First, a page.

Miss Chatelaine

Suzy Lake American-Canadian

Not on view

In 1968, as other artists were staging protests, Lake was studying mime. This subsequent photomontage is a master class in nonverbal communication, wherein Lake performs a pithy letter to the editor, enacting her frustrations with the Canadian women’s magazine Chatelaine and its little-sister spinoff, Miss Chatelaine. To keep up with the era’s changing mores, the publications ditched their outdated emphasis on domesticity and took up the banner of women’s liberation. Lake’s unsettling self-portraits mimic what she saw as the magazines’ bogus makeover to mass-market feminism. Caked in white face paint—the mime’s cosmetic of choice—she simpers and sneers for the camera. Clipped from the magazine’s pages, trendy hairstyles are pasted awkwardly atop her head, as ill-fitting as the feminine stereotypes they seem to suggest.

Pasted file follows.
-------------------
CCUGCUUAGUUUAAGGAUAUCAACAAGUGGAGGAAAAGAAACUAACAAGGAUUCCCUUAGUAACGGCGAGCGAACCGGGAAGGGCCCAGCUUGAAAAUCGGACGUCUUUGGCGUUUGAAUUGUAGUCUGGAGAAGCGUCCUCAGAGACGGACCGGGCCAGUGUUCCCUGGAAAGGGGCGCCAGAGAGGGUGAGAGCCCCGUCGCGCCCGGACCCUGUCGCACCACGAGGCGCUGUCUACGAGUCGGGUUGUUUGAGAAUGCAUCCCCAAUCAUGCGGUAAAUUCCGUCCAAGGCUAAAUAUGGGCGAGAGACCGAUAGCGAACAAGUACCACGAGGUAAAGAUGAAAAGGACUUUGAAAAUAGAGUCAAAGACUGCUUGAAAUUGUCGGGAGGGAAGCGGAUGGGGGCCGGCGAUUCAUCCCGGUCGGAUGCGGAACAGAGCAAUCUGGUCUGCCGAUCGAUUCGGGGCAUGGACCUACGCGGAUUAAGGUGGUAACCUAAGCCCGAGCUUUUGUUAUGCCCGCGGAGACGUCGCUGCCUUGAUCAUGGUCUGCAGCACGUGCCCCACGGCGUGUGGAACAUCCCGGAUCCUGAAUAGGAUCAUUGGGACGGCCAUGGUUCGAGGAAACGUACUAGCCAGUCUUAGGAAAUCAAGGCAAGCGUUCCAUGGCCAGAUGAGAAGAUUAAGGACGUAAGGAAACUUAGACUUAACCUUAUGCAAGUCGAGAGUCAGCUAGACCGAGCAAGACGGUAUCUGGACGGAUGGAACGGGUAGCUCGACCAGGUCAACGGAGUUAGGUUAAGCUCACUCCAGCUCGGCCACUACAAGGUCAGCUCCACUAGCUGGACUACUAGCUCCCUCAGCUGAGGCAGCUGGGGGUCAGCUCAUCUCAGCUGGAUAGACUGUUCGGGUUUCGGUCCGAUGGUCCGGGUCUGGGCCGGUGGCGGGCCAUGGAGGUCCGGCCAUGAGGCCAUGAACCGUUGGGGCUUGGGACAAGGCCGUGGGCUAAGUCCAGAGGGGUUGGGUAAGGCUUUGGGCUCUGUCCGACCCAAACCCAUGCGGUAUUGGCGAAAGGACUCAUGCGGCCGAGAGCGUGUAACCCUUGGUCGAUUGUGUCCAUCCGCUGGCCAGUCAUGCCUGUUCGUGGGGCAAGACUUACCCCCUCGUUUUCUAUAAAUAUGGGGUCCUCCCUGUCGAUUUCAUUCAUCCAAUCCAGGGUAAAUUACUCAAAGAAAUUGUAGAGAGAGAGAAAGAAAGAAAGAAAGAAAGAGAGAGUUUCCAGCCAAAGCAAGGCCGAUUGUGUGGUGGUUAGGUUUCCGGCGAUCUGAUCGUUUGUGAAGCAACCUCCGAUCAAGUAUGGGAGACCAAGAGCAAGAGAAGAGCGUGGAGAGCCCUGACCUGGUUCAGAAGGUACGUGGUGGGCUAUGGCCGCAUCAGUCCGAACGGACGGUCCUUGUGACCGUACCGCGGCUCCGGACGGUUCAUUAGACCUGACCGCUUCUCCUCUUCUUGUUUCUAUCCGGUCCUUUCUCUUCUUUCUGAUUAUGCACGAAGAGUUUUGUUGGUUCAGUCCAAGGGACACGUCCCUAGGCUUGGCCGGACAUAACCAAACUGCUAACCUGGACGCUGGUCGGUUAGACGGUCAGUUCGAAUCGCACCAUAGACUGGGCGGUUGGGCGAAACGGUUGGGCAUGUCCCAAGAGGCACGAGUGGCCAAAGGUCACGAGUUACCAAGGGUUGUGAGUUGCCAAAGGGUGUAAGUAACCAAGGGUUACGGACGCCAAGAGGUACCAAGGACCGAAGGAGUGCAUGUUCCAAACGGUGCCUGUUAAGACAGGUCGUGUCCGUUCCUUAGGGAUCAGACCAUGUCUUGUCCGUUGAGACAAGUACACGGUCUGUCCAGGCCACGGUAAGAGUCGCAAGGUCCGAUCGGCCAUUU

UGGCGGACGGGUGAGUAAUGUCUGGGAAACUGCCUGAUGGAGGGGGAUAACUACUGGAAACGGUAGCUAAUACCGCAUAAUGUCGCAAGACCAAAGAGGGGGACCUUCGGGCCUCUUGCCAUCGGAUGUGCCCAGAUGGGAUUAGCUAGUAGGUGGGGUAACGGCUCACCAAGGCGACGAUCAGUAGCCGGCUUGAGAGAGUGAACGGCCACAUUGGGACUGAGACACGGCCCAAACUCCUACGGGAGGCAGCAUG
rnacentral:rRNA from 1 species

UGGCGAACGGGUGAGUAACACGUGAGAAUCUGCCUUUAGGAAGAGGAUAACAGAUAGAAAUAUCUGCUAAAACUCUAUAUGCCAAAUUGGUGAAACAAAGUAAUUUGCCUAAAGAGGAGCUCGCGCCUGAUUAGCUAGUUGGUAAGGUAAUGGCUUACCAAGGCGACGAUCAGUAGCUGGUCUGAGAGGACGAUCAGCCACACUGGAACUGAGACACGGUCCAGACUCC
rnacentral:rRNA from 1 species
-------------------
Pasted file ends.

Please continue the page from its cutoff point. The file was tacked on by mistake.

Miss Chatelaine, Suzy Lake (American-Canadian, born Detroit, Michigan, 1947), Gelatin silver print

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